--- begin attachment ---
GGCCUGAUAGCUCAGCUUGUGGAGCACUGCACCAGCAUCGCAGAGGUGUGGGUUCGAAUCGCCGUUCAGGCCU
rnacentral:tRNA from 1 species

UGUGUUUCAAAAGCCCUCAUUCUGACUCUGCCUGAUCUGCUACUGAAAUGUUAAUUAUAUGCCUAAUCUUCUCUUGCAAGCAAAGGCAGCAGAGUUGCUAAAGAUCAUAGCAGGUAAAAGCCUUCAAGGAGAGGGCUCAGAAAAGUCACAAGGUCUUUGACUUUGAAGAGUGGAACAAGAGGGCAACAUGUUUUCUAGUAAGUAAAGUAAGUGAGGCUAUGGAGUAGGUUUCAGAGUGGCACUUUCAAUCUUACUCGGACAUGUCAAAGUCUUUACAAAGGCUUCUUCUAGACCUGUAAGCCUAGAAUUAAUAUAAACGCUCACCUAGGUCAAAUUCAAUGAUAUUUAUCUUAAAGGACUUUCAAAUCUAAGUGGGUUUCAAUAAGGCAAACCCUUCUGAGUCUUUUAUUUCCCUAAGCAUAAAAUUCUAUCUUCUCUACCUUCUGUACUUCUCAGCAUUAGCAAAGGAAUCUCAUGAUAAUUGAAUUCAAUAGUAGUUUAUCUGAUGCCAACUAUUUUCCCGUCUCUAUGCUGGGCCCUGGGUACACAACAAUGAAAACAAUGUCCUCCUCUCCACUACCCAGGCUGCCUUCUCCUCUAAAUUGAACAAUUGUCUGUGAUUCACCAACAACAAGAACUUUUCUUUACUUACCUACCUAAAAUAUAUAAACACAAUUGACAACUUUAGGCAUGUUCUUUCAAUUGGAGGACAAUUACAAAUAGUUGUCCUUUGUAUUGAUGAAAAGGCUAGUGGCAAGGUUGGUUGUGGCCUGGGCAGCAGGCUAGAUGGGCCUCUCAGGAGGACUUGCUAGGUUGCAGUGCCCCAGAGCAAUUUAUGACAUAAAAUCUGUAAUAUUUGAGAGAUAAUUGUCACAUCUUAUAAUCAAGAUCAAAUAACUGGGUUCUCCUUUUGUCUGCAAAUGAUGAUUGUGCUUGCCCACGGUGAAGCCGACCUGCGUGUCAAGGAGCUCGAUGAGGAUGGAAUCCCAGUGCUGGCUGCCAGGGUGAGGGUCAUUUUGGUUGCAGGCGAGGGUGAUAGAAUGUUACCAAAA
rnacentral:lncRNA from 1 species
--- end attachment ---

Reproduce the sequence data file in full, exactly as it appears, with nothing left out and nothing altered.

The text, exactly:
GGCCUGAUAGCUCAGCUUGUGGAGCACUGCACCAGCAUCGCAGAGGUGUGGGUUCGAAUCGCCGUUCAGGCCU
rnacentral:tRNA from 1 species

UGUGUUUCAAAAGCCCUCAUUCUGACUCUGCCUGAUCUGCUACUGAAAUGUUAAUUAUAUGCCUAAUCUUCUCUUGCAAGCAAAGGCAGCAGAGUUGCUAAAGAUCAUAGCAGGUAAAAGCCUUCAAGGAGAGGGCUCAGAAAAGUCACAAGGUCUUUGACUUUGAAGAGUGGAACAAGAGGGCAACAUGUUUUCUAGUAAGUAAAGUAAGUGAGGCUAUGGAGUAGGUUUCAGAGUGGCACUUUCAAUCUUACUCGGACAUGUCAAAGUCUUUACAAAGGCUUCUUCUAGACCUGUAAGCCUAGAAUUAAUAUAAACGCUCACCUAGGUCAAAUUCAAUGAUAUUUAUCUUAAAGGACUUUCAAAUCUAAGUGGGUUUCAAUAAGGCAAACCCUUCUGAGUCUUUUAUUUCCCUAAGCAUAAAAUUCUAUCUUCUCUACCUUCUGUACUUCUCAGCAUUAGCAAAGGAAUCUCAUGAUAAUUGAAUUCAAUAGUAGUUUAUCUGAUGCCAACUAUUUUCCCGUCUCUAUGCUGGGCCCUGGGUACACAACAAUGAAAACAAUGUCCUCCUCUCCACUACCCAGGCUGCCUUCUCCUCUAAAUUGAACAAUUGUCUGUGAUUCACCAACAACAAGAACUUUUCUUUACUUACCUACCUAAAAUAUAUAAACACAAUUGACAACUUUAGGCAUGUUCUUUCAAUUGGAGGACAAUUACAAAUAGUUGUCCUUUGUAUUGAUGAAAAGGCUAGUGGCAAGGUUGGUUGUGGCCUGGGCAGCAGGCUAGAUGGGCCUCUCAGGAGGACUUGCUAGGUUGCAGUGCCCCAGAGCAAUUUAUGACAUAAAAUCUGUAAUAUUUGAGAGAUAAUUGUCACAUCUUAUAAUCAAGAUCAAAUAACUGGGUUCUCCUUUUGUCUGCAAAUGAUGAUUGUGCUUGCCCACGGUGAAGCCGACCUGCGUGUCAAGGAGCUCGAUGAGGAUGGAAUCCCAGUGCUGGCUGCCAGGGUGAGGGUCAUUUUGGUUGCAGGCGAGGGUGAUAGAAUGUUACCAAAA
rnacentral:lncRNA from 1 species